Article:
AH gum was obtained from the fruits of jackfruit [15, 17]. About 250 g raw jackfruit was taken and washed properly and rinsed with distilled water. The seeds were removed properly and the fruit was cut into small pieces. The pieces of fruits were mashed with distilled water (fruits to water ratio, 1:3) using pestle and mortar to prepare a slurry. The slurry was subjected to centrifugation for 20 min at 3000 rpm at room temperature. The residue is collected and scraped off. It is then treated with 0.5 M sodium thiosulfate solution in the ratio of 1:1 (residue to solution) for around 24 h, during which it is stirred at regular intervals which will remove protein fractions. The filtrate was then centrifuged for 5 min at 2000 rpm. The residue obtained after centrifugation was subjected to neutralization by the addition of 0.1 M HCl. It is then washed with distilled water for two times. Thereafter, it is again washed with 50% ethanol for two times. Then, the collected material is then subjected to drying at 40–45 °C for overnight. The polysaccharide obtained was then powdered with the use of mortar and pestle. It is then allowed to pass through sieve (0.15-mm mesh size). The isolated AH gum powder was packed properly and stored in desiccators [18].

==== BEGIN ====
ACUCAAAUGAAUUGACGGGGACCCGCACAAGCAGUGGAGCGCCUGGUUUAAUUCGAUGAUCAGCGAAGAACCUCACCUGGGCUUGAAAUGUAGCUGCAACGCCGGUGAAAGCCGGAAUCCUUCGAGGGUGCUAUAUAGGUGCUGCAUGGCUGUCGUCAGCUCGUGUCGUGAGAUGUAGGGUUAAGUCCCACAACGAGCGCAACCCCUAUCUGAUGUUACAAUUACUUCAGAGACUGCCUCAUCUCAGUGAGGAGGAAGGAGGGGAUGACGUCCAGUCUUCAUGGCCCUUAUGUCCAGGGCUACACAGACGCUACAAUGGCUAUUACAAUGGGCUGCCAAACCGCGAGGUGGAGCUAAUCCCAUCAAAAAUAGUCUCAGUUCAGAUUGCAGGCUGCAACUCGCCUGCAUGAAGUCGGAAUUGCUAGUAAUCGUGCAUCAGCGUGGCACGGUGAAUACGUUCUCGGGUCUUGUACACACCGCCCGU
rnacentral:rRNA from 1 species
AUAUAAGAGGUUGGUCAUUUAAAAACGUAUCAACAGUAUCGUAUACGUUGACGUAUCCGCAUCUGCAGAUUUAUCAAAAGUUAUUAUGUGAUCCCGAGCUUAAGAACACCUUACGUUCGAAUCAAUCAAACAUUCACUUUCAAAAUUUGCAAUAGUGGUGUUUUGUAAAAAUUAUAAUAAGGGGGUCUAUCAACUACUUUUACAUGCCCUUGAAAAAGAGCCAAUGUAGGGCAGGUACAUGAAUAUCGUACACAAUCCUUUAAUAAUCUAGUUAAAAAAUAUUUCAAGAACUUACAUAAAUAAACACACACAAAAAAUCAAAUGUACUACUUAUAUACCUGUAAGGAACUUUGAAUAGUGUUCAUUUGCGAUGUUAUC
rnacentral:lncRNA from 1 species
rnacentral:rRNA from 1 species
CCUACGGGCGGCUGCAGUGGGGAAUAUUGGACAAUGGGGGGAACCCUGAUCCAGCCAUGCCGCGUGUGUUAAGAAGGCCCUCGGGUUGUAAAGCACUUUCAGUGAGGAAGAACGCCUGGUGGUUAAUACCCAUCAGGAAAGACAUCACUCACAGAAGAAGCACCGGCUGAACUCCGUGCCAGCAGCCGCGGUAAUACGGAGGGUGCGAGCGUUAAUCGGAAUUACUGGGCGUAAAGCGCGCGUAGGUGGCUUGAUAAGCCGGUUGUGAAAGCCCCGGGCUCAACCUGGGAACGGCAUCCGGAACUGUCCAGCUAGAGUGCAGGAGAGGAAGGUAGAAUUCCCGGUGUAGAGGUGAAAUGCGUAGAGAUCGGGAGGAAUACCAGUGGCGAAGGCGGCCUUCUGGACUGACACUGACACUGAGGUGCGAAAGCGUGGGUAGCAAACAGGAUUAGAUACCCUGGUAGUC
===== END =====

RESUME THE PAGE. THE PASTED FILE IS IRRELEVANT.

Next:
Determination of yield

The weight of the raw material and isolated gum is taken. The yield was calculated by applying the formula [19, 20]:

$$ \%\mathrm{Yield}\frac{\mathrm{Weight}\ \mathrm{of}\ \mathrm{dried}\ \mathrm{isolated}\ \mathrm{polysaccharide}}{\mathrm{Weight}\ \mathrm{of}\ \mathrm{the}\ \mathrm{whole}\ \mathrm{fresh}\ \mathrm{crude}\ \mathrm{material}}\times \kern0.5em 100 $$

Physicochemical characterization

The different properties of the isolated gum which includes the organoleptic characters, such as odour, colour, and taste, and physicochemical characters, such as solubility, pH of 1% w/v solution at 37 °C, and viscosity of 1% w/v solution at 37 °C, were determined. Since the polysaccharides are obtained in the powder form, so the various powder properties such as tapped density, bulk density, angle of repose, and Carr’s index were also measured. The results of these parameters were compared with HPMC and Carbopol 934. The pH value of the 1% solution of isolated polysaccharide samples were measured using a digital pH meter [21, 22]. Ostwald’s viscometer was used to calculate the viscosity of 1% solution of isolated polysaccharide samples [22].